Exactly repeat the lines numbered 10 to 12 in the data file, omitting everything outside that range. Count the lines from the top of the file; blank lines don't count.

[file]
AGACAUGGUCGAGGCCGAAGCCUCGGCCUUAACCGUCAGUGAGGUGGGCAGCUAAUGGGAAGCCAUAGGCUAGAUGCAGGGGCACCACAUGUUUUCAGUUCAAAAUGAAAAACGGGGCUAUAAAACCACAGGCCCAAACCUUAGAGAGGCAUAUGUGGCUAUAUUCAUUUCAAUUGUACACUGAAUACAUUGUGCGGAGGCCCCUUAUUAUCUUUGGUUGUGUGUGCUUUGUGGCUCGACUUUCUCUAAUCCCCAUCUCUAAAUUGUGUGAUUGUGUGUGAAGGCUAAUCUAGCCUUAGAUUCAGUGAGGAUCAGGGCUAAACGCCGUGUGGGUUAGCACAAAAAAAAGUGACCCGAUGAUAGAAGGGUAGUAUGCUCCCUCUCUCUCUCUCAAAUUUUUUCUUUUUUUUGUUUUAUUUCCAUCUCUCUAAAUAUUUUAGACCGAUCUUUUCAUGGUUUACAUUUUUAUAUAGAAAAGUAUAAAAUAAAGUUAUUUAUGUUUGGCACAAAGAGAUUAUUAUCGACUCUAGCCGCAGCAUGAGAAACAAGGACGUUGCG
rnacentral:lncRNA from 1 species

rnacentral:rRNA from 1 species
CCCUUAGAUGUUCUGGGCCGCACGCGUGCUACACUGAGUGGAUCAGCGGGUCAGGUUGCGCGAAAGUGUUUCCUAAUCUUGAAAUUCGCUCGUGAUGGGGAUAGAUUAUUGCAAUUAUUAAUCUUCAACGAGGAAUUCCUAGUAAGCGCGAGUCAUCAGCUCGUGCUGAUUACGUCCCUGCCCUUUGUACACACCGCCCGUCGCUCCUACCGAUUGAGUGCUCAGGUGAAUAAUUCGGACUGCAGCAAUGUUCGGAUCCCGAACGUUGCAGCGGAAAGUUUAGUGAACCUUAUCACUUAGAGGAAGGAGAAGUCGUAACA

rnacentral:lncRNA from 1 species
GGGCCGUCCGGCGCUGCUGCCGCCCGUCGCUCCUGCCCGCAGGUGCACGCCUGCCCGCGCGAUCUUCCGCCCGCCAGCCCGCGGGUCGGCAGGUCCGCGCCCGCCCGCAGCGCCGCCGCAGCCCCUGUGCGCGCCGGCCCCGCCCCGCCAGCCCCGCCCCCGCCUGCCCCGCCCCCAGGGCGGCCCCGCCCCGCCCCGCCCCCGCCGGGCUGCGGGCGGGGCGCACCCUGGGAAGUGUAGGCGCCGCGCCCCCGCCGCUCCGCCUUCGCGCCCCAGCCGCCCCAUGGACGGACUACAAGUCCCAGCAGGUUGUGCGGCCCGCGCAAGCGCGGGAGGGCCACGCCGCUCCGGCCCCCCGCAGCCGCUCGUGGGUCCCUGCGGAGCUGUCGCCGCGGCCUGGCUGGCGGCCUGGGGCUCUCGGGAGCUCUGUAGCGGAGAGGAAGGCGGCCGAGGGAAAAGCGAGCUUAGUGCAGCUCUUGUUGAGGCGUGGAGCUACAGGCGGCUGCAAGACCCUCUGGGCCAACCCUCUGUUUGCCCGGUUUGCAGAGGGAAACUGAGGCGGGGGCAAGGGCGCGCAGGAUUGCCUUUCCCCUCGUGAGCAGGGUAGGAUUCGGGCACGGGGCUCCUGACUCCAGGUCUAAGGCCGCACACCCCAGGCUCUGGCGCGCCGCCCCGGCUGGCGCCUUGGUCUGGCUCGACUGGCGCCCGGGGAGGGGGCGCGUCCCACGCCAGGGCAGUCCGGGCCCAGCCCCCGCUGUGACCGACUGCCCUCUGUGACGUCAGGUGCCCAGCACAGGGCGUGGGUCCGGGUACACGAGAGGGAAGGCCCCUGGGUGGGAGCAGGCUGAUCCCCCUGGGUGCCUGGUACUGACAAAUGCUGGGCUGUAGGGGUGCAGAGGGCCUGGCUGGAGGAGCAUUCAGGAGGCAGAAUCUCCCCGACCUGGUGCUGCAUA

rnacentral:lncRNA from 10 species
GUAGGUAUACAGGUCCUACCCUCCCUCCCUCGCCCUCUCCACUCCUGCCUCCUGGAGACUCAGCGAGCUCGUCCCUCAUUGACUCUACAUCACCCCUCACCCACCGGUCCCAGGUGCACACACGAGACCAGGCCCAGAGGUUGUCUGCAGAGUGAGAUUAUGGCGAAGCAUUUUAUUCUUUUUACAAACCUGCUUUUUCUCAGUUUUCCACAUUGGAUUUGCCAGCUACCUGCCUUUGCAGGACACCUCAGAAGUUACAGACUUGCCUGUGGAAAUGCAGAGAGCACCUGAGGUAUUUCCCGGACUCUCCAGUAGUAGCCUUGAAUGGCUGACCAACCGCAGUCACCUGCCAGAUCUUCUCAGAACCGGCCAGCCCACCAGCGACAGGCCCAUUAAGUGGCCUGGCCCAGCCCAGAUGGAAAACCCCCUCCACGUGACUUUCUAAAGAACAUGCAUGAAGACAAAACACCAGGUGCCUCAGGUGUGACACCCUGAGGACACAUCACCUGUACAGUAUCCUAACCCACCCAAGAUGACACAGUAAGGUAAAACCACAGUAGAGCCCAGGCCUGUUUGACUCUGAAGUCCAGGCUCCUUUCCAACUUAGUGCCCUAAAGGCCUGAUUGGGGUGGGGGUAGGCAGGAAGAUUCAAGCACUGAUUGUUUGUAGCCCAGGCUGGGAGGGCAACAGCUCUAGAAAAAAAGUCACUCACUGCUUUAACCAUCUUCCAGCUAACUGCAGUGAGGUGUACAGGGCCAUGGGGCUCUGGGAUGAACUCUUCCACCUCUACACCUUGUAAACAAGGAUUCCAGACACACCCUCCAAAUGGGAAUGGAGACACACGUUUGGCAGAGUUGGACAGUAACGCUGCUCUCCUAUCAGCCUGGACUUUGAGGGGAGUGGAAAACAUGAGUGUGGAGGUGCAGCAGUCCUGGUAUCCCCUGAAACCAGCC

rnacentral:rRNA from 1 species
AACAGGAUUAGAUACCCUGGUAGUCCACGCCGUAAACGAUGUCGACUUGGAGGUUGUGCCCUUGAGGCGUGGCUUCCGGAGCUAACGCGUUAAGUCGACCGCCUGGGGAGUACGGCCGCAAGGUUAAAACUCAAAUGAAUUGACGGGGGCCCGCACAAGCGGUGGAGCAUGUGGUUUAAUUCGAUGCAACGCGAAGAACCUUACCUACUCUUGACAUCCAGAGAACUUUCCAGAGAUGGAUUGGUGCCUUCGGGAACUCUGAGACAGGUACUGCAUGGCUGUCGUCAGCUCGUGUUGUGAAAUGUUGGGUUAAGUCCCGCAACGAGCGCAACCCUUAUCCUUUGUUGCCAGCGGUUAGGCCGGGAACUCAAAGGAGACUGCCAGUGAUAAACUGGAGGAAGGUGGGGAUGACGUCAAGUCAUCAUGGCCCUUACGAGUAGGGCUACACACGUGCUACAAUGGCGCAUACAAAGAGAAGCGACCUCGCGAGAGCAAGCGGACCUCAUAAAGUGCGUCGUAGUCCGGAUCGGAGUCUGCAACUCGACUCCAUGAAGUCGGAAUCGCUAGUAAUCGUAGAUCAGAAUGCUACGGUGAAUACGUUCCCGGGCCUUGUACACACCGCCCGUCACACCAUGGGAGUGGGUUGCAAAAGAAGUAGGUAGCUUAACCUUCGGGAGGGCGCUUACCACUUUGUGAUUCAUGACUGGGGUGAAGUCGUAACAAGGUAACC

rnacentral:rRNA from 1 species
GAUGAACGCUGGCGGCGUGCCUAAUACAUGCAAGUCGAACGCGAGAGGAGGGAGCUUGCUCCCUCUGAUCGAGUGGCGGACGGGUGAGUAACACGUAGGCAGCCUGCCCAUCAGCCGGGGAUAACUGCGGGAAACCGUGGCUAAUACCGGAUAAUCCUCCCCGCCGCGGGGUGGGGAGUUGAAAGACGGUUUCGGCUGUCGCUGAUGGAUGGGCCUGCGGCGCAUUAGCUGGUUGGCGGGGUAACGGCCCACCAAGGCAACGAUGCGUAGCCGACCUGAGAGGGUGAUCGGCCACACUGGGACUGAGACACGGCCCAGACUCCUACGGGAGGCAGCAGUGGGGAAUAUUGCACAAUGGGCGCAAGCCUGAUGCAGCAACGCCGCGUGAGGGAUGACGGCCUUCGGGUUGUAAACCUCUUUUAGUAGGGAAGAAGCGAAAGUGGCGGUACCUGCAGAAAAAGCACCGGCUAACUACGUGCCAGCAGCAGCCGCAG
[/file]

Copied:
AACAGGAUUAGAUACCCUGGUAGUCCACGCCGUAAACGAUGUCGACUUGGAGGUUGUGCCCUUGAGGCGUGGCUUCCGGAGCUAACGCGUUAAGUCGACCGCCUGGGGAGUACGGCCGCAAGGUUAAAACUCAAAUGAAUUGACGGGGGCCCGCACAAGCGGUGGAGCAUGUGGUUUAAUUCGAUGCAACGCGAAGAACCUUACCUACUCUUGACAUCCAGAGAACUUUCCAGAGAUGGAUUGGUGCCUUCGGGAACUCUGAGACAGGUACUGCAUGGCUGUCGUCAGCUCGUGUUGUGAAAUGUUGGGUUAAGUCCCGCAACGAGCGCAACCCUUAUCCUUUGUUGCCAGCGGUUAGGCCGGGAACUCAAAGGAGACUGCCAGUGAUAAACUGGAGGAAGGUGGGGAUGACGUCAAGUCAUCAUGGCCCUUACGAGUAGGGCUACACACGUGCUACAAUGGCGCAUACAAAGAGAAGCGACCUCGCGAGAGCAAGCGGACCUCAUAAAGUGCGUCGUAGUCCGGAUCGGAGUCUGCAACUCGACUCCAUGAAGUCGGAAUCGCUAGUAAUCGUAGAUCAGAAUGCUACGGUGAAUACGUUCCCGGGCCUUGUACACACCGCCCGUCACACCAUGGGAGUGGGUUGCAAAAGAAGUAGGUAGCUUAACCUUCGGGAGGGCGCUUACCACUUUGUGAUUCAUGACUGGGGUGAAGUCGUAACAAGGUAACC

rnacentral:rRNA from 1 species
GAUGAACGCUGGCGGCGUGCCUAAUACAUGCAAGUCGAACGCGAGAGGAGGGAGCUUGCUCCCUCUGAUCGAGUGGCGGACGGGUGAGUAACACGUAGGCAGCCUGCCCAUCAGCCGGGGAUAACUGCGGGAAACCGUGGCUAAUACCGGAUAAUCCUCCCCGCCGCGGGGUGGGGAGUUGAAAGACGGUUUCGGCUGUCGCUGAUGGAUGGGCCUGCGGCGCAUUAGCUGGUUGGCGGGGUAACGGCCCACCAAGGCAACGAUGCGUAGCCGACCUGAGAGGGUGAUCGGCCACACUGGGACUGAGACACGGCCCAGACUCCUACGGGAGGCAGCAGUGGGGAAUAUUGCACAAUGGGCGCAAGCCUGAUGCAGCAACGCCGCGUGAGGGAUGACGGCCUUCGGGUUGUAAACCUCUUUUAGUAGGGAAGAAGCGAAAGUGGCGGUACCUGCAGAAAAAGCACCGGCUAACUACGUGCCAGCAGCAGCCGCAG